Islit open the package with a kitchen knife and there they were, plastic ''peanuts'' covering everything. I tried to scoop off enough of them to get at what was underneath, but they wouldn't go. They stuck to my hands, my shirt, my hair. And I couldn't brush them off. They clung to the counter, the cabinet doors.
''Help,'' I cried in pathetic despair.
My wife, Lucy, finally arrived. ''Electricity in the air,'' she said.
I marched to the phone. ''I've had it with these things,'' I said. ''I'm going to call the company - the president.''
The person in charge of complaints - not the president, naturally - was a soft-spoken man who probably held the phone as far away as possible from his ear as I discharged my grievances. ''Let me assure you, sir, that we share in your concern,'' he said. I paused, momentarily taken aback. ''We really want to address this problem.''
''They used to just scatter,'' I moaned. ''Now they stick to everything. I can't get them off my hands!'' Silence. ''Couldn't you, please, find something else?''
''Believe me, sir, if there was a better product, we would use it. Our research and development branch gives packaging its highest priority. It is constantly experimenting with new materials. But we welcome your concern. In fact, should you have any recommendations....''
''Old Ping-Pong balls,'' I said, waking in the night. Peat moss? Spanish moss? Shredded cardboard, newspaper, shredded documents? The Pentagon! Washington alone should be able to supply the whole packaging industry.
Meanwhile, needed household items kept coming - mixing bowls for our son, some dessert plates from Italy - in boxes popping with ''peanuts.'' Deliveries, once looked forward to as minor but important bright spots in the day, were now dreaded as times of crisis. Weeks went by. Months. No comments on any of my suggestions. Then one day a letter from that company:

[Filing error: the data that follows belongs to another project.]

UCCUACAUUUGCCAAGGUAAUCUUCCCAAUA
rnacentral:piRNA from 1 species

''For some time we have been working to improve the quality of our packaging material. We are therefore pleased to inform you of the following:''
''Ah, ha!'' I exclaimed.
''The polystyrene packing peanut was the finest packaging material on the market. It had no equal. Whether it protected a delicate vase or a lamp shade, it ensured that your order arrived in perfect condition. However, we now have a peanut that is far superior. While maintaining its properties as a packaging material, the product is also biodegradable. Made from starch, it dissolves in water. Simply place these peanuts in your kitchen sink, fill with water, and let nature do the rest. Or if you wish to dispose of large amounts, take them outside and hose them down, or release them into a pond or stream....''
''Hallelujah!'' I shouted. We poured the peanuts into the sink and watched them melt away to nothing. ''More!'' I cried. ''Give us more!'' It was a victory for perseverance - on everyone's part. I wrote the company and congratulated them.
A month went by, and one day two large packages arrived from the same store: a vegetable juicer and a mini-Cuisinart. Christmas in March! We eagerly tore open the boxes.
It was raining, so I took the peanuts outside and dumped them onto the lawn. The wind scattered them, driving them in under the hedges and whirling them up into the branches of the spruce trees.
'' 'Blow winds, and crack your cheeks!' '' I shouted. ''One more minute and.... Zap!'' Clouds of them swirled off across the blueberry field beyond the stone wall, past the flower garden and the apple trees. I marched back into the house.
''They've re-called the starch peanut,'' Lucy said. I grabbed the letter from her and dashed into the rain. It might take me a month, but I would find every one.